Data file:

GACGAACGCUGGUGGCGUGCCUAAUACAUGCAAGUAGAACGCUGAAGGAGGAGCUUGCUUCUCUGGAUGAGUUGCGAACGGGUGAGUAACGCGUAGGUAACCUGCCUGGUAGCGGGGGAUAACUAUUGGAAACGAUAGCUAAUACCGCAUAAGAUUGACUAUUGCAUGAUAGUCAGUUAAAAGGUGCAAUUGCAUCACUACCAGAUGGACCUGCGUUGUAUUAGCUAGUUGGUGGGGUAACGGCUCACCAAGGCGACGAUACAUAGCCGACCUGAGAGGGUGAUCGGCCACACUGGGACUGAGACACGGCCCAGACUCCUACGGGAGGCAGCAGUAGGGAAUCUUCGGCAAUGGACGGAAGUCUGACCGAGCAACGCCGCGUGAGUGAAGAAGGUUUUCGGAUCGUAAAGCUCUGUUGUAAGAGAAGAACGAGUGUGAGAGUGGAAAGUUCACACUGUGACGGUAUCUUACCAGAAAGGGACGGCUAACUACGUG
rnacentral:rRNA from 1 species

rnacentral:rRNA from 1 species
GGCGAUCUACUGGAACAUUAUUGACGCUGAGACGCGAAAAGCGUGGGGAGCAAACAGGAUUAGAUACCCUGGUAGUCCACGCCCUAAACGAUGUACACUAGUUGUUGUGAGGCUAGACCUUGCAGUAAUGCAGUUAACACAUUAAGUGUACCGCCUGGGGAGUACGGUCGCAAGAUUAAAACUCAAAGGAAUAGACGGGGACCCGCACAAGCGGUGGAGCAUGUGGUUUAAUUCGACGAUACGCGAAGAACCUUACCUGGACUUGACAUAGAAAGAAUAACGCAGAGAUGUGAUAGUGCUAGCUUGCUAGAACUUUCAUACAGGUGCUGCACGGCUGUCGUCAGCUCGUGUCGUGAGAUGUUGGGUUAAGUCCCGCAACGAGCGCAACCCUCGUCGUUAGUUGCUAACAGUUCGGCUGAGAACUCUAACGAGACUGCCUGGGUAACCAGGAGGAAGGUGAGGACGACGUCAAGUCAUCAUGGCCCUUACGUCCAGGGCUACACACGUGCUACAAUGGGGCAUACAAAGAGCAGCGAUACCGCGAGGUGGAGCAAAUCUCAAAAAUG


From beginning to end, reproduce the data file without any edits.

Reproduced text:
GACGAACGCUGGUGGCGUGCCUAAUACAUGCAAGUAGAACGCUGAAGGAGGAGCUUGCUUCUCUGGAUGAGUUGCGAACGGGUGAGUAACGCGUAGGUAACCUGCCUGGUAGCGGGGGAUAACUAUUGGAAACGAUAGCUAAUACCGCAUAAGAUUGACUAUUGCAUGAUAGUCAGUUAAAAGGUGCAAUUGCAUCACUACCAGAUGGACCUGCGUUGUAUUAGCUAGUUGGUGGGGUAACGGCUCACCAAGGCGACGAUACAUAGCCGACCUGAGAGGGUGAUCGGCCACACUGGGACUGAGACACGGCCCAGACUCCUACGGGAGGCAGCAGUAGGGAAUCUUCGGCAAUGGACGGAAGUCUGACCGAGCAACGCCGCGUGAGUGAAGAAGGUUUUCGGAUCGUAAAGCUCUGUUGUAAGAGAAGAACGAGUGUGAGAGUGGAAAGUUCACACUGUGACGGUAUCUUACCAGAAAGGGACGGCUAACUACGUG
rnacentral:rRNA from 1 species

rnacentral:rRNA from 1 species
GGCGAUCUACUGGAACAUUAUUGACGCUGAGACGCGAAAAGCGUGGGGAGCAAACAGGAUUAGAUACCCUGGUAGUCCACGCCCUAAACGAUGUACACUAGUUGUUGUGAGGCUAGACCUUGCAGUAAUGCAGUUAACACAUUAAGUGUACCGCCUGGGGAGUACGGUCGCAAGAUUAAAACUCAAAGGAAUAGACGGGGACCCGCACAAGCGGUGGAGCAUGUGGUUUAAUUCGACGAUACGCGAAGAACCUUACCUGGACUUGACAUAGAAAGAAUAACGCAGAGAUGUGAUAGUGCUAGCUUGCUAGAACUUUCAUACAGGUGCUGCACGGCUGUCGUCAGCUCGUGUCGUGAGAUGUUGGGUUAAGUCCCGCAACGAGCGCAACCCUCGUCGUUAGUUGCUAACAGUUCGGCUGAGAACUCUAACGAGACUGCCUGGGUAACCAGGAGGAAGGUGAGGACGACGUCAAGUCAUCAUGGCCCUUACGUCCAGGGCUACACACGUGCUACAAUGGGGCAUACAAAGAGCAGCGAUACCGCGAGGUGGAGCAAAUCUCAAAAAUG